ACLU Files Amicus Brief in Same-Sex Parents Birth Certificate Case

Affiliate: ACLU of Iowa
May 22, 2012 12:00 am

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The ACLU of Iowa Monday submitted an amicus brief supporting the rights of parents and children in same-sex marriages to the same legal benefits extended to other Iowa families.

The brief was submitted in the case of Heather Gartner, who gave birth to daughter MacKenzie in 2009. Heather and her wife, Melissa Gartner, wanted both their names listed on the birth certificate. However, the Iowa Department of Public Health refused to allow Melissa to be listed on the certificate, saying she could not be listed because she was not the biological parent. The department’s refusal was based on a literal reading of an Iowa statute that was adopted decades ago, before same-sex marriage was recognized in Iowa.

As a result, the Gartner’s daughter was not eligible for the same legal protection from both parents that other children have. Moreover, Melissa’s parental rights were not being recognized.
The Garters, represented by Lamba Legal, filed a lawsuit in Polk County District Court seeking the same treatment under the law of other married couples. In January, a Polk County district judge ordered that the state issue a new birth certificate listing both Heather and Melissa, but the Department of Public Health has appealed that decision.

Iowa law currently states that if a mother is married, her husband must be recorded as the father on the birth certificate–even if it was physically impossible for him to have been the biological father.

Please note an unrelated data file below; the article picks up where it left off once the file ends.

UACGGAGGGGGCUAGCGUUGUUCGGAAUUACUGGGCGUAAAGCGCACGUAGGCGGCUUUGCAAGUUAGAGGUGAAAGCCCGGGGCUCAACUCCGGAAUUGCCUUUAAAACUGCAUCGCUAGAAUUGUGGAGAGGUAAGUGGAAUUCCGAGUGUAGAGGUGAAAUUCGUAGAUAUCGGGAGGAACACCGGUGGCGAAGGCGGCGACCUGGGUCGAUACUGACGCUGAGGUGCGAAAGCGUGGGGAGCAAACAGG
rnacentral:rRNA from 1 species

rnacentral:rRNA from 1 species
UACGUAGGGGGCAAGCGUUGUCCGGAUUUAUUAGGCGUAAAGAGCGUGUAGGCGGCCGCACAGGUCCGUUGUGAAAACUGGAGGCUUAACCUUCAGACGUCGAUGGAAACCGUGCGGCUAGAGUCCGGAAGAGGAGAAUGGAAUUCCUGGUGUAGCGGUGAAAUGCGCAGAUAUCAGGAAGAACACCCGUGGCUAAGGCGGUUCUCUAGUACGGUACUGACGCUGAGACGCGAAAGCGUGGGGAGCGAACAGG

“Although the right of same-sex couples to marry was affirmed by the Varnum decision, there are many inequalities remaining in our law,” said ACLU of Iowa Legal Director Randall Wilson. “Those inequalities include the state’s refusal to recognize the right of children to have two legal parents, regardless of gender issues.”

Amicus briefs, also called friend-of-the-court briefs, are filed by organizations or parties with a stake in the case, often on issues of broad public interest. The ACLU files amicus briefs in civil liberties cases to provide additional information to the court and to raise awareness about some aspect of the case. In this case, the ACLU of Iowa joined with the national ACLU, based in New York, to file the brief.

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